From economic contraction to economic growth in 2024View(s):
There is little doubt that the economy would contract by about 3 percent this year. There is an expectation that the economy would get on to a growth path next year. However, there are several global and domestic downside risks.
There is little doubt that the economy would contract this year. All three sectors of the economy have contracted in the first quarter of the year and indications are that they would not revive during the course of this year.
Manufacturing has been adversely affected by exogenous and domestic factors. Export manufacturing has been dealt a severe blow by the global recession. The country’s most important merchandise export — textiles and garments — have been severely curtailed by a decrease in global demand. This is also so in respect of rubber goods and several other manufactured exports.
The recession in western countries has not only reduced demand in the past four months, it has reduced demand in the foreseeable future as well. Export orders for the rest of the year appear drastically depressed.
In addition to the global downturn in demand, industries have faced severe difficulties in production.
The economic crisis led to the escalation in the costs of production. The increase in electricity and fuel costs escalated production costs to uncompetitive levels. Although the depreciation of the currency conferred benefits, they were offset by the increased production costs and rise in raw material imports.
The closure of many export manufacturing industries resulted in large scale unemployment and undoubtedly enhanced poverty. The estimated loss in employment is huge.
The redeployment of this labour would await a revival of export industry. And when this would be is uncertain. Meanwhile, large numbers of skilled workmen are seeking employment opportunities abroad. Consequently their outmigration would have a permanent impact on the country’s capacity to revive.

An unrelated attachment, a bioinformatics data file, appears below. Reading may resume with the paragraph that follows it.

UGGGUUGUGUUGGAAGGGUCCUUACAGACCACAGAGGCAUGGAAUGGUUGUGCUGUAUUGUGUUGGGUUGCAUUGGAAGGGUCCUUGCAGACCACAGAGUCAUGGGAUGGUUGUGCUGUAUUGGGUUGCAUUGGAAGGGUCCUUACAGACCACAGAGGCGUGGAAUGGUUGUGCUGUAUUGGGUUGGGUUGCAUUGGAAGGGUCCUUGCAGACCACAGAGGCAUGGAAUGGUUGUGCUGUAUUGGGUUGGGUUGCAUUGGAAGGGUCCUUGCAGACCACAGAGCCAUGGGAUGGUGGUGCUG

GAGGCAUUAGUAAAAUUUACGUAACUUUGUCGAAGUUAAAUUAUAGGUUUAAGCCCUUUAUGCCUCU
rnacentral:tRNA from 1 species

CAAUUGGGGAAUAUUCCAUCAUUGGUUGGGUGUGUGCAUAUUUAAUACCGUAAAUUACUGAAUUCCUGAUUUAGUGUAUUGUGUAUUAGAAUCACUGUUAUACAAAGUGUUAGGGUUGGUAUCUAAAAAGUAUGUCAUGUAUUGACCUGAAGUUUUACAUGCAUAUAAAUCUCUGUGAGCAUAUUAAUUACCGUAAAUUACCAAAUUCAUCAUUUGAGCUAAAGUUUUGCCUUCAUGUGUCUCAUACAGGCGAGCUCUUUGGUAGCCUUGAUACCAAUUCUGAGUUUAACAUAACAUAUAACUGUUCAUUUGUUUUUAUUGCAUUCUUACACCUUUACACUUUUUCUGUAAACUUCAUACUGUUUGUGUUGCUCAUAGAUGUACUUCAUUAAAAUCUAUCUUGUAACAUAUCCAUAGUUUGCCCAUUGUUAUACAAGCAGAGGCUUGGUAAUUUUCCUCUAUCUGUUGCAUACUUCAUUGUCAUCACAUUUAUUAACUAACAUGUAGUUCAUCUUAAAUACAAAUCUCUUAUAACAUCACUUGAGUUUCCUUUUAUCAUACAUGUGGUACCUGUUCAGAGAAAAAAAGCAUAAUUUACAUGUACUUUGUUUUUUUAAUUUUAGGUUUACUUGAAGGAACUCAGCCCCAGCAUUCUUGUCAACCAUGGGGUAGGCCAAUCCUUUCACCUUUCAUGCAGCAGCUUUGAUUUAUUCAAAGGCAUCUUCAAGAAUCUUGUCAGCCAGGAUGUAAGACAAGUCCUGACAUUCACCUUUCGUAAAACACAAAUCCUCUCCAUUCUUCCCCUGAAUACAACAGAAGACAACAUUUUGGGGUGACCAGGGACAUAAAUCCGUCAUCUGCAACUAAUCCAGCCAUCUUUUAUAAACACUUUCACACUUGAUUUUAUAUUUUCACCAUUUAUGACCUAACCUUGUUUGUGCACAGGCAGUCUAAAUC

This phenomenon of skilled manpower educated and technically skilled personnel is a serious threat to the long-term economic and social development capacity of the country.
One of the achievements of the country in the post independent years has been the country’s social development. Health and educational indicators have been far higher than other countries of comparable per capita countries.
This has been seriously threatened by the outflow of medical personnel and the educated professionals. The Institute of Policy Studies (IPS) has warned the country that it may not be able to achieve the expected social development goals. This is discussed in detail in the IPS’s latest State of the Economy report.
The construction industry that was severely affected is not likely to recover owing to escalation costs and lesser demand. Although a slight revival can be expected late this year and in 2024, it would not reach the levels of earlier years.
Although agricultural production was expected to revive from the previous year with the availability of chemical fertiliser and agrochemical, the recovery has been slow and below expectations.
This was owing to some of the adverse effects of the fertiliser and weedicides ban affecting production. This is particularly so with respect to tea on the plantations. Tea production has not recovered as the plantations have problems in widespread growth of weeds that has reduced production. Consequently tea exports have declined further in the first quarter.